Okay, I have to ask, you use the word “baby” a lot. I feel the word “baby” is in a lot of rock lyrics. I’ve written lyrics, and I’ve used “baby” a lot too. But I find in my real, everyday life, I don’t use it that much. It’s one of those rock words that everyone puts in their lyrics, and you almost can’t stop yourself. Maybe it has something to do with how easy it rhymes? But then you’re like, does that sound hackneyed or arcane? But dammit, you just can’t help it!
Ha, yeah well I think it’s just kind of a throwback to ’60s songwriting where they used the word “baby” constantly. The word “baby” in a rock context just sort of refers to the person you’re singing to or singing about. Your “baby” could be your lover, it could be someone you like, it’s not like THE love of my life. It’s just a nice way to address someone without being specific about your relationship. It could be about your friend, it could be about your lover, it could be about a family member, it could be about anybody really. It’s a pretty vague term of endearment.
So okay, the music. I think the guitar on Hour is great. Some of the noisier leads are like J Mascis-style. Who has Todd played with before?
Todd is so good on this record. My favorite part of this record is definitely the guitars. I met Todd because he was playing lead guitar with Jenny Lewis for a couple years, and that’s how I met him.
But he’s pretty committed to La Sera now?
Yeah, well, we’re dating and live together and have pets.
So he’s really committed in more ways than one?
Ha, yeah. Us playing music together was pretty natural. I think Todd’s true nature is playing guitar like this. He just sits up in his music room and just shreds for eight hours at a time. So when we sat down and thought about what this La Sera record should sound like, both of us were like, “Let’s just do what we want to.” And so what that means for me is that I missed playing aggressively, and also putting lots of harmonies on everything. And for him it was just, “I’m just gonna shred.” It definitely felt like this was the most natural record that I’ve been on, where it was like, “Let’s just fucking do what we want to do and are good at doing and have fun doing it.” And that’s what we did.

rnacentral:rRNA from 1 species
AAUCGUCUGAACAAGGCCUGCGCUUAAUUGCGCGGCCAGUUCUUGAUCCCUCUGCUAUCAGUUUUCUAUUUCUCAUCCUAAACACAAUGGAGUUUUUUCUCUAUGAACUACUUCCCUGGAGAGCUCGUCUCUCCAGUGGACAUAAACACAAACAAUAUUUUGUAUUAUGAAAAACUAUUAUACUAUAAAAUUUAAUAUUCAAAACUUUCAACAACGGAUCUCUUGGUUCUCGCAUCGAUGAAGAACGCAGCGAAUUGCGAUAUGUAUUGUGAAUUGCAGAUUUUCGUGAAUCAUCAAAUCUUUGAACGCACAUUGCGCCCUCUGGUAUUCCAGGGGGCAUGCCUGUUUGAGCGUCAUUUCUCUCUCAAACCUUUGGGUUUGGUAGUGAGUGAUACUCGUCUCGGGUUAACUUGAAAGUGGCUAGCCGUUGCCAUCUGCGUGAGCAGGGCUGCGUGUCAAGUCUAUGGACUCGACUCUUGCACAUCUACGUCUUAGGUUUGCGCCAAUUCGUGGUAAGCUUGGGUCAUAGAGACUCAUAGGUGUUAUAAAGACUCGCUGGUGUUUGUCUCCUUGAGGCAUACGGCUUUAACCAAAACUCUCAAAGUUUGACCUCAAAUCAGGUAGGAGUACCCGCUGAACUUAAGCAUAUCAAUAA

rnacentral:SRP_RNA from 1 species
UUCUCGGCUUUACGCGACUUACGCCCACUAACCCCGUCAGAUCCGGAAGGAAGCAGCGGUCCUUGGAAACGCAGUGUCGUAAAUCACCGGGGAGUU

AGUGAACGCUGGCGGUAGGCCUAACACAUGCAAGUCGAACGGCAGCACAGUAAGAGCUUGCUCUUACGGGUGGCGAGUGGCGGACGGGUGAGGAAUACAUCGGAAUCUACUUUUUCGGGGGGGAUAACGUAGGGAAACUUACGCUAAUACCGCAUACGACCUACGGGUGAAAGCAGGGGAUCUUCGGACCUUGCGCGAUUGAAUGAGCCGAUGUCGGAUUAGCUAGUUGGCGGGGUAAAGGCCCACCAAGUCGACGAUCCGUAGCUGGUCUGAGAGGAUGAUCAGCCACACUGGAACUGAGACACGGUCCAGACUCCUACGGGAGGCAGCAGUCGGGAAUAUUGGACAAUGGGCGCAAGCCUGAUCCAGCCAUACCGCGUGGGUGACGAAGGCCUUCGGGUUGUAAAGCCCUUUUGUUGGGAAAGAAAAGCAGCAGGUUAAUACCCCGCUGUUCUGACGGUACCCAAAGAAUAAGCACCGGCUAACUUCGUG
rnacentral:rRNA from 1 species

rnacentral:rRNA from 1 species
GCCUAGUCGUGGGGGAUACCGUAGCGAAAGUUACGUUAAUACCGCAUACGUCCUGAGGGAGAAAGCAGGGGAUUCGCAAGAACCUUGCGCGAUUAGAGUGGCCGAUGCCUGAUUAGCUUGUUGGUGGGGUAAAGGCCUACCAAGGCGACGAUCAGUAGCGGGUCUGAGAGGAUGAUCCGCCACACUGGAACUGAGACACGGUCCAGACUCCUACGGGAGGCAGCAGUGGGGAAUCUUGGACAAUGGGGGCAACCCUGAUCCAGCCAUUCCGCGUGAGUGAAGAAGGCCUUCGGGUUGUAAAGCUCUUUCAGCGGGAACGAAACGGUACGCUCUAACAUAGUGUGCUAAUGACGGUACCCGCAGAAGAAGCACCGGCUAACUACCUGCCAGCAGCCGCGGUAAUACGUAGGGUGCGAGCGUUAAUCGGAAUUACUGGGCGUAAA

When I was in Vivian Girls, that was very aggressive and fast and fun, so when I made the first La Sera record, that was kind of a reaction against that because I was like, “I already do that, so what else can I do?” So I made slower songs, and made them more, “la la la,” more sweet and soft. And then with Sees The Light, I kind of sped up, but in general I was still going for dreamier stuff. And then Vivian Girls broke up, so I was like, “All right, I’m going back to what I know best. I know fast, fun, aggressive punk, that’s what I want to do.” It’s like my favorite thing. Also, on this record I definitely set out to make music that I would want to play live. Because there’re a lot of songs on the first two La Sera records that I loved writing and I love if I hear it. But playing it live, it’s kind of boring only playing slow or sad songs. So I set out on this record to make songs that are just super fun with lots of shredding where you can just jump around and have fun. That was the main goal.
That said, since that latter 2000s new garage thing, that whole sort of echo-saturated sound, doo-wop melodies with guitar fuzz caked on, dreamy vocals, etc. That all worked really well, but now it seems like it’s a crutch for so many bands to kind of throw tons of reverb over sugary, early ’60s girl group melodies and dump out lyrics about cute boys and girls. And I’m wondering if with this new record, maybe you wanted to separate from that? It’s brighter, clearer. Was that something you consciously aimed for?
Well, we spent so much time working on these songs, editing these songs, making them the best they could possibly be. And in the end we just wanted people to actually be able to hear it. We were like, “We spent so much fucking time doing this, why would we want to cover it up with a ton of weird effects? Let’s make it as clean as we can!” That’s the thing though, also, this is as clean as we could make it with not having so much money, it’s not like we were in a huge studio. I feel like we completely hit the nail on the head with what we were going for though. And it’s not like we made it sound shittier on purpose. We were like, “Let’s make the fucking best record we can,” and we went and made it.
Where did you make it?